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MACC chief: Malaysia aims to locate further RM19 billion in 1MDB-linked assets

November 6, 2019

* MACC chief on land swap, helicopter deal and 1MDB money
*
MACC to charge serving judge and prosecutor   

Malaysian Anti-Corruption Commission (MACC) Chief Commissioner Latheefa Koya speaks to reporters after attending the 11th International Conference on Financial Crime and Terrorism Financing 2019 in Kuala Lumpur November 5, 2019. — Picture by Hari Anggara

KUALA LUMPUR, Nov 5 — The authorities have estimated that there are still RM18.9 billion of unidentified assets and property linked to scandal-hit 1Malaysia Development Bhd (1MDB), spread across at least five countries.

Malaysian Anti-Corruption Commission (MACC) Chief Commissioner Latheefa Koya told reporters that her team is working together with the recently formalised National Financial Crime Centre (NFCC) to locate and investigate the assets.

That is currently being pursued, apart from the very obvious ones, we note, if we look at the differences of amount that has taken, this is why we are working together with the NFCC — which was formalised recently to locate and investigate and research where these properties are, because you know it isn’t just a one-off transaction.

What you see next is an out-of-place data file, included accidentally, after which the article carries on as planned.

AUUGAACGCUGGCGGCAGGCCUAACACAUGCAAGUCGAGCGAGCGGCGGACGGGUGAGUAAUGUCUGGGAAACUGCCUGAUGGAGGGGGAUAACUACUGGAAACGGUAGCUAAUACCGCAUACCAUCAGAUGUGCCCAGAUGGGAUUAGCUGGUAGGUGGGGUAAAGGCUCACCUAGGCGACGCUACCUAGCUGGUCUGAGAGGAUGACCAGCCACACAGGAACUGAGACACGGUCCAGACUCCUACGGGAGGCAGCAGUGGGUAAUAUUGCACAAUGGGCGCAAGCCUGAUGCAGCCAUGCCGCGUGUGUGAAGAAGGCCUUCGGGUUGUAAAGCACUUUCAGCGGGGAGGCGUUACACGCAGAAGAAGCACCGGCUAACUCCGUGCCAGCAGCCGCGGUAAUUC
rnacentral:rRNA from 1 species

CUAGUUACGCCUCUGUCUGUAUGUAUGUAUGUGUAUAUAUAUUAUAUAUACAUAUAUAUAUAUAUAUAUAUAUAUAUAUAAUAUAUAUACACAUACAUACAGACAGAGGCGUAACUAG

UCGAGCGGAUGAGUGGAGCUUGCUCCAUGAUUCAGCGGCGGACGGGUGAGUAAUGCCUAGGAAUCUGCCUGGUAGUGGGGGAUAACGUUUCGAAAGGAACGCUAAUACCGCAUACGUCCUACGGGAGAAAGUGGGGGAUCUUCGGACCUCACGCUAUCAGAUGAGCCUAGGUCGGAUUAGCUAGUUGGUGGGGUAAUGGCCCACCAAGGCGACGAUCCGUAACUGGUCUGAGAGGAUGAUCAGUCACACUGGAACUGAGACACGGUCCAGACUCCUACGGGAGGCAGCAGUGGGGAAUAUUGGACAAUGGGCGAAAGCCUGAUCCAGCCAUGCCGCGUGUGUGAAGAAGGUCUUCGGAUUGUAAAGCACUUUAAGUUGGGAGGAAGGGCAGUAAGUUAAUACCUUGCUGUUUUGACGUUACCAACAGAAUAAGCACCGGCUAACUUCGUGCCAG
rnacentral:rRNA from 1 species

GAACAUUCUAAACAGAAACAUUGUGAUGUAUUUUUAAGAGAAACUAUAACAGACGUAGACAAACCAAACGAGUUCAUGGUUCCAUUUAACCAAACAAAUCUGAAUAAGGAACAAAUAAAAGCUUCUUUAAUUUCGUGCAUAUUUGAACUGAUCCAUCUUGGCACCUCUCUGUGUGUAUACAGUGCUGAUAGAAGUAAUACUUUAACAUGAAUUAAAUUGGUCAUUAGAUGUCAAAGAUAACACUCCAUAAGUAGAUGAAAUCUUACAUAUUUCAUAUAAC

It’s multiple transactions. We need to actually work together with the countries to give us [the information],” Latheefa said on the sidelines of the International Conference on Financial Crimes and Terrorism.

However, the MACC chief said that she could not disclose more information as investigations were still active and the agency did not want to tip off suspects.

She said the countries where the assets and properties are located have been cooperating but required the MACC to be “very specific and precise” in its investigations and requests for assistance.

Latheefa also clarified that the RM18.9 billion figure is not final and only an estimate as assets fluctuated in value according to market conditions.

The commission seeks not just to charge the perpetrators of the global financial scandal but also to recover the stolen assets in order to cripple their ability to fund their legal defence through wrongful gains.

Previously, when it came to corruption and fraud charges, the authorities only sought to charge the criminals for the crime committed instead of taking them down completely.

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From → Malaysia Upclose

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